The Importance of Liver Health

Despite the fact that your liver is approximately the size of a football and one of your most important organs (you can’t live for a week without it!), many people don’t give it a second thought – until it’s not functioning optimally. Your liver helps to metabolize your food, remove toxins from your body, adjust cholesterol levels, absorb fats, and store sugar. The good news is that it’s not difficult to take care of your liver – most of the things you’re already doing to be healthy help you care for your liver, too. 

Exercise and Eat Well

01. Exercise and eat well –
keeping your weight in check and not over-burdening your liver with too much fat and sugar helps to prevent nonalcoholic fatty liver disease, which can lead to cirrhosis.


02. Give attention to your medications –
certain medications, like acetaminophen (Tylenol) can be hard on your liver. And some medications interact with other chemicals (like alcohol) in ways that can damage your liver. Even some dietary supplements can be harmful. Make sure your physician is aware of any medications and supplements that you take, to ensure there are no potentially harmful interactions.

Check Medications
Limit Alcohol intake

most people are aware that overconsuming alcohol can be hard on your liver; however, many people don’t know that the guidelines for daily alcohol consumption are two drinks for men and one for women. More than that can start to scar your liver – even if you aren’t an alcoholic or get drunk on a regular basis.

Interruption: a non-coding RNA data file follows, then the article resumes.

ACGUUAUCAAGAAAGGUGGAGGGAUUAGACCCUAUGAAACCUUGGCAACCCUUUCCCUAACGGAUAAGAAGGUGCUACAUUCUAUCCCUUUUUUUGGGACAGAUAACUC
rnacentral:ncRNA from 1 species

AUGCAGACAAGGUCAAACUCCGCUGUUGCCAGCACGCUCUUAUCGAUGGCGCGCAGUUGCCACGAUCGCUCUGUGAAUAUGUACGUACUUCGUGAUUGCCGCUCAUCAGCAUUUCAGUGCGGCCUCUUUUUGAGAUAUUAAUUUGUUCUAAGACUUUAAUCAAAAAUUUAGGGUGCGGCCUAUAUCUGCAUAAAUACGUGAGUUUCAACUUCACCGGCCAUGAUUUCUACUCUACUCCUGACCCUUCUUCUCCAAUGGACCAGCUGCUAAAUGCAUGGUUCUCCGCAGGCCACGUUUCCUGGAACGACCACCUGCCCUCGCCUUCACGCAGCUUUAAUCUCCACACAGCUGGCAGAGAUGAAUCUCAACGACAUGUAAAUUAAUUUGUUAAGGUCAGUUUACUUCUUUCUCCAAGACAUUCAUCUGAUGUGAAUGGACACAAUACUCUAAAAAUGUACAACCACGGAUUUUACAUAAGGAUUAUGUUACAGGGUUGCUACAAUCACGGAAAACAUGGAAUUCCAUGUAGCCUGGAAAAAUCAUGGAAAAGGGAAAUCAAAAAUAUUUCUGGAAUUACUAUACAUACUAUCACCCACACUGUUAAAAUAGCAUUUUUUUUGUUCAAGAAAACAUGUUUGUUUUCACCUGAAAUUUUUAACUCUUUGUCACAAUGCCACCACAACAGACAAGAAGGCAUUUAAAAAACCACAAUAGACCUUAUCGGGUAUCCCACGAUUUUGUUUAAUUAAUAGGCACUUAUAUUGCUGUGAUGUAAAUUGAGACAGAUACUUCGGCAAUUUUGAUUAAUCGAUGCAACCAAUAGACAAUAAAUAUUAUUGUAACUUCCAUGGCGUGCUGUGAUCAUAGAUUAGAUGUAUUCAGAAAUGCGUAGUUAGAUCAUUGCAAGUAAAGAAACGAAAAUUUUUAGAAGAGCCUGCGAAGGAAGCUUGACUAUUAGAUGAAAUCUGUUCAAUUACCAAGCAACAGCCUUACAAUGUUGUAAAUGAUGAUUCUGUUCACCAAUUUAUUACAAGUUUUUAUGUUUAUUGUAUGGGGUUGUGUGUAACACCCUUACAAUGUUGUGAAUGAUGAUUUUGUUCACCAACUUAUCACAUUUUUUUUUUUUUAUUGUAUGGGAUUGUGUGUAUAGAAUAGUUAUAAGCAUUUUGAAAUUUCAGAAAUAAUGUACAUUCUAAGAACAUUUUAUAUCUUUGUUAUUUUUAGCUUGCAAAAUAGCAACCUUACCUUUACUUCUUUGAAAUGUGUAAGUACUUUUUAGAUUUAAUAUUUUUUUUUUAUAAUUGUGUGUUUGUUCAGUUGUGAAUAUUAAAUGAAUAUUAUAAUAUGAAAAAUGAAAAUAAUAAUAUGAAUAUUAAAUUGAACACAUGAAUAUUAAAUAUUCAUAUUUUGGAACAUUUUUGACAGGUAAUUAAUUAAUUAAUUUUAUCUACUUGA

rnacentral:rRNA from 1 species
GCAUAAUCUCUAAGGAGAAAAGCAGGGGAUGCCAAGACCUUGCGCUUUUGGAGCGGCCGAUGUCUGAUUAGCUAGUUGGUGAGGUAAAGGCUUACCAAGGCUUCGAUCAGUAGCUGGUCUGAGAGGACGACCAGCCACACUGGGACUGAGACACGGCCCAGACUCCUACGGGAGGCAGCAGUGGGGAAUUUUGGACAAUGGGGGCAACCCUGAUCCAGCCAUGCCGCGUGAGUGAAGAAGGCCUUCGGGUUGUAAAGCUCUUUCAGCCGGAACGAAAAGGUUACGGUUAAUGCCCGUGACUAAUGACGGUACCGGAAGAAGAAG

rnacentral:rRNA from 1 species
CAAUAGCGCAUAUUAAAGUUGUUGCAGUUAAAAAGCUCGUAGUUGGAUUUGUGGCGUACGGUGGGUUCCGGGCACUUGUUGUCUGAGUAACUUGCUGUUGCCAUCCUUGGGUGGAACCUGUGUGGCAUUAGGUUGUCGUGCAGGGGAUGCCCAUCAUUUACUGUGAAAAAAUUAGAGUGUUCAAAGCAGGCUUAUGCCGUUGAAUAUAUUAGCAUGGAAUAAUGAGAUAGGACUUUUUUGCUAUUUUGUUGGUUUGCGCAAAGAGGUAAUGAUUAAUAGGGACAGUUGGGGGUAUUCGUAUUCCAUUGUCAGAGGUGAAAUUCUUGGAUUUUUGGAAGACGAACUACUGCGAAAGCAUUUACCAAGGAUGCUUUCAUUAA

on the bright side, it appears that drinking coffee can have a positive impact on your liver. Recent study results have found that drinking 2-3 cups of coffee a day can help protect your liver from cirrhosis. 

Drink Coffee

There are three strains of hepatitis and all three (A, B, and C) can damage your liver. Hepatitis is a viral disease, and most people in the US are vaccinated for hepatitis B as young children. Hepatitis A, which is contracted from contaminated food or water, is not common in the US and isn’t usually associated with long-lasting illness, though there is a vaccination for it, as well. Hepatitis C is spread through blood and body fluids (as is Hep B), but there is no vaccination. To prevent contracting it, it’s best to not share items that come into contact with bodily fluids, like toothbrushes, razors, or needles, and to have protected sex.

Taking care of your liver is pretty simple! Most of what you already do to take care of yourself supports your liver health, as well. With some extra attention in a few areas of your health, such as your medications or exposure to bodily fluids, you can help prevent any potential damage and enjoy healthy metabolism and digestion for a long time.